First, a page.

AAHFN's 18th Annual Meeting returns In-Person this Thursday, June 16th to Saturday, June 18th with Pre-Conference Workshops taking place on Wednesday, June 15thMOUNT LAUREL, NEW JERSEY, UNITED STATES, June 15, 2022 /EINPresswire.com/ -- The American Association of Heart Failure Nurses (AAHFN) is returning to In-Person Meetings this week with the 18th Annual Meeting, from Thursday, June 16th to Saturday, June 18th with Pre-Conference Workshops taking place on Wednesday, June 15th. The meeting, which is taking place at the Rosen Shingle Creek Resort in Orlando, Florida, is tailored to address the educational needs of members of the heart failure team including nurses, physicians, pharmacists, and early career trainees.
"Heart failure continues to be a major public health issue , and implementation of the updated guidelines for treatment are more important than ever . The AAHFN annual meeting will discuss the new guidelines for treatment, how to apply the guidelines and how to manage these complex patients using new technology that all improve patient outcomes." , Linda Wick, AAHFN President
The primary purpose of the AAHFN Annual Meeting is to provide nurses, nurse practitioners, and other health care professionals contemporary research and information on medical management, device therapies, and care strategies for patients and caregivers living with heart failure.
Throughout the Annual Meeting, the AAHFN will:
• Provide expert presentations of current evidence-based practice in the heart failure space, addressing a diverse topic variety and presenter background and expertise.
• Provide opportunities for networking with colleagues of various practice settings and clinical backgrounds
After attending this activity, attendees will:
• Recognize how emerging technologies and new guidelines can improve the lives of patients living with heart failure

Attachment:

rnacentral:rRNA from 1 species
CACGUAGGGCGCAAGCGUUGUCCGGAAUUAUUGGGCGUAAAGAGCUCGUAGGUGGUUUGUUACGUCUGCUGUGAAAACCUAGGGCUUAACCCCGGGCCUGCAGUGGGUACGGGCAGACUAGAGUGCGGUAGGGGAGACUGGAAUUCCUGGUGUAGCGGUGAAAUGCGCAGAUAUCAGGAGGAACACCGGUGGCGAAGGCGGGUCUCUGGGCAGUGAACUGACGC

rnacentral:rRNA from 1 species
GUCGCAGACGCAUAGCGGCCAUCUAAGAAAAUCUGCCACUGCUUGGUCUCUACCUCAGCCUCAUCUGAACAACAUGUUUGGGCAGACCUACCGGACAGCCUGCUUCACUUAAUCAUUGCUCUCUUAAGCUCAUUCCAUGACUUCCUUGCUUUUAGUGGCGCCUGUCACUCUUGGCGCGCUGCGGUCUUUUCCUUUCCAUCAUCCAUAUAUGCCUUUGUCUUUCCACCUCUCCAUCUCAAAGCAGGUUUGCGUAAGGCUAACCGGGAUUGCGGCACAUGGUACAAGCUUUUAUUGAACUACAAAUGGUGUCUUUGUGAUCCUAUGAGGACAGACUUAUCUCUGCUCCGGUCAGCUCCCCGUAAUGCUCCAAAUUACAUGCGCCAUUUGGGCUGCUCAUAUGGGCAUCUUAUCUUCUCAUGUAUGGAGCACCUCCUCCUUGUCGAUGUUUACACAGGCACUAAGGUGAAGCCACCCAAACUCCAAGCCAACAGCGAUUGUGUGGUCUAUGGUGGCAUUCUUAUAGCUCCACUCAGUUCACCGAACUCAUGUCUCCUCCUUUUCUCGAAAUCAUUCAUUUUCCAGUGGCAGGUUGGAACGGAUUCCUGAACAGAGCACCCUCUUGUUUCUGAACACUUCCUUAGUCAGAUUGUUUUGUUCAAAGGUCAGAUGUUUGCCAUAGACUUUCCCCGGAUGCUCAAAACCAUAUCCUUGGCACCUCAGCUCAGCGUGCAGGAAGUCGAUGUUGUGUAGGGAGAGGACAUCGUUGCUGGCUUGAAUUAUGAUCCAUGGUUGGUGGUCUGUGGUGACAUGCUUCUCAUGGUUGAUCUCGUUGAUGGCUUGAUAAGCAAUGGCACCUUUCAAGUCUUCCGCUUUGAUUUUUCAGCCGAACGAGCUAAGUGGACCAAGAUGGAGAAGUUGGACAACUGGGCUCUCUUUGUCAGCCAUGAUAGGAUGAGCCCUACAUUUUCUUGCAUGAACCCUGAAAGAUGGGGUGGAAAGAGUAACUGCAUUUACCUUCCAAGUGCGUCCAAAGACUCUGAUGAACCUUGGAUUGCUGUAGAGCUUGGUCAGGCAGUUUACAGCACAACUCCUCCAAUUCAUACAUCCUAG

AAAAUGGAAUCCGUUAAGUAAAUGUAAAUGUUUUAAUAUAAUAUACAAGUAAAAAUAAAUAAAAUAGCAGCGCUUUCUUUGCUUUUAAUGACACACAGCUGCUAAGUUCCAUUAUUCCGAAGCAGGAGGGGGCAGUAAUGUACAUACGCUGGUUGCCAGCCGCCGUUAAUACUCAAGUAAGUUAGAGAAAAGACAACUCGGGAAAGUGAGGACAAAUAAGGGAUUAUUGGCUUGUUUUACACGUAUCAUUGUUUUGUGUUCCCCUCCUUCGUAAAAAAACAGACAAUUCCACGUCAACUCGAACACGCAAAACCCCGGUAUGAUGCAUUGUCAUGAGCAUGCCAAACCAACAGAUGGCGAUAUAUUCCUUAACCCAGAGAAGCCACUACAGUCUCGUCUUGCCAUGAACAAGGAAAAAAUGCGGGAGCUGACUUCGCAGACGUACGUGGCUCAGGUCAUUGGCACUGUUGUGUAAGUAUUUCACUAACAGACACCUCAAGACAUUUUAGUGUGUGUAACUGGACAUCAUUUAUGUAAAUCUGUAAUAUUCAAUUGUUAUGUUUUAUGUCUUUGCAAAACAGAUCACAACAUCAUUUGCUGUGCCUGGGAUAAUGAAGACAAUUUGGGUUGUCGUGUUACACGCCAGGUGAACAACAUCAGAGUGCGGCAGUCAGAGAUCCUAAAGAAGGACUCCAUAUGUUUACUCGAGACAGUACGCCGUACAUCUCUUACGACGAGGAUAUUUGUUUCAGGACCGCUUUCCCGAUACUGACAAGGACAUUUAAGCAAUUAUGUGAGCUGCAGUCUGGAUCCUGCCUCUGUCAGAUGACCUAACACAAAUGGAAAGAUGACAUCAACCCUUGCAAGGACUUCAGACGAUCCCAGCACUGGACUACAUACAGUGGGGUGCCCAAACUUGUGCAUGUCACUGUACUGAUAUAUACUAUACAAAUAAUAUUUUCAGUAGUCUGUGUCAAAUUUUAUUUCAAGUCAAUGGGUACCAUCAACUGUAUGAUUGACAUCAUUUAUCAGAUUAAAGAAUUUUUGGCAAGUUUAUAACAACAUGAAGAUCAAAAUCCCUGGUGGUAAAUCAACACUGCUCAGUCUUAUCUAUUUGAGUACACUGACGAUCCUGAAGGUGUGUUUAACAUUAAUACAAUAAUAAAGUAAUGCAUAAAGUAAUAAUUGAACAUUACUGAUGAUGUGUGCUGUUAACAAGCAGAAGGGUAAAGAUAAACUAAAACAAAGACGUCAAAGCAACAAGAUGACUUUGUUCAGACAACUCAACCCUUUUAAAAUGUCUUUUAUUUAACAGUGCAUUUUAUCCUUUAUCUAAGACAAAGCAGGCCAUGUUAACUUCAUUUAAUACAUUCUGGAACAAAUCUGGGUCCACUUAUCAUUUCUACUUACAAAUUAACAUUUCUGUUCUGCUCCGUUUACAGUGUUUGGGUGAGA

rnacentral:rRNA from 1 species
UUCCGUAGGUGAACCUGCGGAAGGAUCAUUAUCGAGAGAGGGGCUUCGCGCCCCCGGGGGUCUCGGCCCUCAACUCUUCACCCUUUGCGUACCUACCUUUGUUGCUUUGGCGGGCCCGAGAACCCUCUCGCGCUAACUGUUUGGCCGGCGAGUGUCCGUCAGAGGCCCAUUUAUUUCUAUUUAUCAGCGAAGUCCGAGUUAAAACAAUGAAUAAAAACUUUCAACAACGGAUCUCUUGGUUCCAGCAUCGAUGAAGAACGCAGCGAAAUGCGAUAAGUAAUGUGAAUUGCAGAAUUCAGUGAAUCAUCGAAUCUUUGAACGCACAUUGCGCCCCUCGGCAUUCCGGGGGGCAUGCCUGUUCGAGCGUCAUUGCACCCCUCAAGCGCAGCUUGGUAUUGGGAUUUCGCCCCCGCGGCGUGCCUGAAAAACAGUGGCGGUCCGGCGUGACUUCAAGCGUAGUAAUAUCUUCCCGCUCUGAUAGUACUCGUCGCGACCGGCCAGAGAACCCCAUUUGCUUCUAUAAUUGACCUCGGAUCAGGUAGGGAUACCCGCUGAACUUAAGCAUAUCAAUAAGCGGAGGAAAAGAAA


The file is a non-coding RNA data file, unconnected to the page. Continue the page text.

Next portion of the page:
• Improve ability to communicate with patients, caregivers, and members of the multidisciplinary team
• Demonstrate enhanced skills and professionalism in care of the patient across the heart failure continuum
• Identify healthcare services to improve patient care and quality of life
Attendance to AAHFN’s Annual Meeting will award over 25 Continuing Education Hours (CEUs), which can be used towards heart failure certification requirements. More information regarding certification can be found at https://www.aahfn.org/mpage/certificationboard. Annual Meeting content will also be recorded so attendees have the option to attend educational sessions live in-person, as well as on demand after the event! This is also a great option for those that are interested in attending the meeting but are unable to do so due to prior commitments, conflicts or health/travel concerns. For more information on AAHFN’s 18th Annual Meeting or for more heart failure related content, please visit www.aahfn.org.
About Heart Failure
Heart failure, which means the heart does not contract with enough force to pump sufficient blood throughout the body, is a debilitating and life-threatening condition, affecting nearly 6 million Americans.(1,2) It is the leading cause of hospitalization among Americans over the age of 65.(3) Heart failure presents a major and growing health-economic burden that currently exceeds $30 billion in the United States, which accounts for both direct and indirect costs.(1,4)
About the American Association of Heart Failure Nurses (AAHFN)
The AAHFN is a nonprofit specialty organization dedicated to advancing nursing education, clinical practice, and research to improve heart failure patient outcomes. The goal of AAHFN is to set the standards for heart failure nursing care. The American Association of Heart Failure Nurses unites professionals, patients and caregivers in the support and advancement of heart failure practice, education, and research, thus promoting optimal patient outcomes. AAHFN serves as the interface for sharing ideas, translating research findings into practice, and setting priorities for the future. AAHFN focuses on patients across all environments of care from the hospital, to the clinic, to home.
1. Mozaffarian D, Benjamin EJ, Go AS, et al. Heart Disease and Stroke Statistics—2016 Update: A report from the American Heart Association. Circulation. 2016; 132:000-000. doi: 10.1161/CIR.0000000000000350.
2. Fauci A, Longo D. Disorders of the Heart. Harrison’s ‘Principles of Internal Medicine. 17th ed. New York, NY; McGraw-Hill Book Co; 2008;4:1442-55.
3. Wier LM, Pfuntner A, Maeda J, et al. HCUP Facts and Figures: Statistics on Hospital-based Care in the United States, 2009. Agency for Healthcare Research and Quality. 2011; 1-3.
4. Heidenreich PA, Albert NM, Allen LA, et al. Forecasting the impact of heart failure in the United States: a policy statement from the American Heart Association. Circ Heart Fail. 2013;6:606-619. Gallagher R, Luttik M-L, Jaarsma T. Social Support and Self-care in Heart Failure. J Card Nurs. 2011; Vol. 26, No. 6, pp 439-445.